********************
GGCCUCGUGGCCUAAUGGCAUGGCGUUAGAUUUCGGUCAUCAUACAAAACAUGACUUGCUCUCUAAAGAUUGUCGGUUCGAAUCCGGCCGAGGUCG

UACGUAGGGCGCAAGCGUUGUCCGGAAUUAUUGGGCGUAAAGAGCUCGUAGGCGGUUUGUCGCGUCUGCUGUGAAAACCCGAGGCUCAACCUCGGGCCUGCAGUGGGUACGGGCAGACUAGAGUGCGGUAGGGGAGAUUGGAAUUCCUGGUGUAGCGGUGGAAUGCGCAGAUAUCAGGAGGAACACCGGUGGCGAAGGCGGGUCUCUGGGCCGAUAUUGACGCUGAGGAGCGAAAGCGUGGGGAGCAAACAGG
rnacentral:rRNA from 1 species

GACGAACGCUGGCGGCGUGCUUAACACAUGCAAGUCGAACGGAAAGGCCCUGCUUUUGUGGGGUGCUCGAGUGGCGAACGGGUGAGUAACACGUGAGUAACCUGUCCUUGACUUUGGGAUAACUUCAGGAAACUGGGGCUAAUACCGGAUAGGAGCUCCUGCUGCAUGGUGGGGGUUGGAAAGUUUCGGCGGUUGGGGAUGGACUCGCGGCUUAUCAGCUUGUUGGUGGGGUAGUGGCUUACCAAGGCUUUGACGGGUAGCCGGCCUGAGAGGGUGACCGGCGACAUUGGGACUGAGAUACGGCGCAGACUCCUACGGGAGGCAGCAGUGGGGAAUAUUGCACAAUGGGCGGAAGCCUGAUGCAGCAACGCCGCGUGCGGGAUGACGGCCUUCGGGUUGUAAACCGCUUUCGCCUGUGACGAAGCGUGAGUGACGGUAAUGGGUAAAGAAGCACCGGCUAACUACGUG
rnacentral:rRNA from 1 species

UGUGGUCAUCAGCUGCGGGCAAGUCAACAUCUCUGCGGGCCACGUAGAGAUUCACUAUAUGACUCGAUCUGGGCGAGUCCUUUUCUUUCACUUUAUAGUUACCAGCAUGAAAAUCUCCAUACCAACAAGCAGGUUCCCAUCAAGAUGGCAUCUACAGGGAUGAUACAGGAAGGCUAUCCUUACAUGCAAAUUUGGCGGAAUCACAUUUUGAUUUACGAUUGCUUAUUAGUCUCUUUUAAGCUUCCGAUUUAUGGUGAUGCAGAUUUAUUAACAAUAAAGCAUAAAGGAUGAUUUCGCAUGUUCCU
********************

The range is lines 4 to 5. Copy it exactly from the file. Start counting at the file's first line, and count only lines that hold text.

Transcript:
GACGAACGCUGGCGGCGUGCUUAACACAUGCAAGUCGAACGGAAAGGCCCUGCUUUUGUGGGGUGCUCGAGUGGCGAACGGGUGAGUAACACGUGAGUAACCUGUCCUUGACUUUGGGAUAACUUCAGGAAACUGGGGCUAAUACCGGAUAGGAGCUCCUGCUGCAUGGUGGGGGUUGGAAAGUUUCGGCGGUUGGGGAUGGACUCGCGGCUUAUCAGCUUGUUGGUGGGGUAGUGGCUUACCAAGGCUUUGACGGGUAGCCGGCCUGAGAGGGUGACCGGCGACAUUGGGACUGAGAUACGGCGCAGACUCCUACGGGAGGCAGCAGUGGGGAAUAUUGCACAAUGGGCGGAAGCCUGAUGCAGCAACGCCGCGUGCGGGAUGACGGCCUUCGGGUUGUAAACCGCUUUCGCCUGUGACGAAGCGUGAGUGACGGUAAUGGGUAAAGAAGCACCGGCUAACUACGUG
rnacentral:rRNA from 1 species